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Il nostro corpo somatizza nella sua materia quello che lo spirito subisce in tut…

Il nostro corpo somatizza nella sua materia quello che lo spirito subisce in tutta la nostra anima.Ecco come un  dispiacere può concretizzarsi in malattia. Source by cristinadenucci

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The Weight Loss Motivation Bible: How To Program Your Mind For Sustainable Fat Loss

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Spending Money on Experiences Makes You a Better Person 

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You’ve probably heard about the health benefits of practicing gratitude—how it can boost your mood, help you treat others better, improve physical health, and keep stress and fear at bay. Now, here’s a little trick for how to automatically infuse more gratitude into your life: Spend more money on experiences, and less on material objects.

“Think about how you feel when you come home from buying something new,” Thomas Gilovich, Ph.D., professor of psychology at Cornell University and co-author a new study on gratitude, said in a press release. “You might say, ‘this new couch is cool,’ but you're less likely to say ‘I’m so grateful for that set of shelves.’”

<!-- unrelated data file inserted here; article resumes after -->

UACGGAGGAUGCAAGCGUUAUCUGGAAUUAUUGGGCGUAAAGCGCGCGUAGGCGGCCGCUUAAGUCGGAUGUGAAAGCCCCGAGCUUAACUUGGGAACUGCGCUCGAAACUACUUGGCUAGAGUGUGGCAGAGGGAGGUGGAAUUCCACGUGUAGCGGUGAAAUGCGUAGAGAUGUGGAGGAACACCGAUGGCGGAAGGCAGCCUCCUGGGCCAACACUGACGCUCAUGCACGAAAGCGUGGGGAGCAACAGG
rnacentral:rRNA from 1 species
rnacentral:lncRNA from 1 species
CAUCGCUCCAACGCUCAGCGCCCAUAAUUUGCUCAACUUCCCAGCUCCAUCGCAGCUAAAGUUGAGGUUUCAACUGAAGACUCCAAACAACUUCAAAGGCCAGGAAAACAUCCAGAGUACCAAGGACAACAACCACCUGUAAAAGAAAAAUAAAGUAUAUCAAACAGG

“But when you come home from a vacation, you are likely to say, ‘I feel so blessed I got to go,’” he continued. “People say positive things ab­­­­out the stuff they bought, but they don't usually express gratitude for it—or they don't express it as often as they do for their experiences.”

Gilovich’s new study shows that people not only express more gratitude about events and experiences than they do about objects; it also found that this kind of gratitude results in more generous behavior toward others.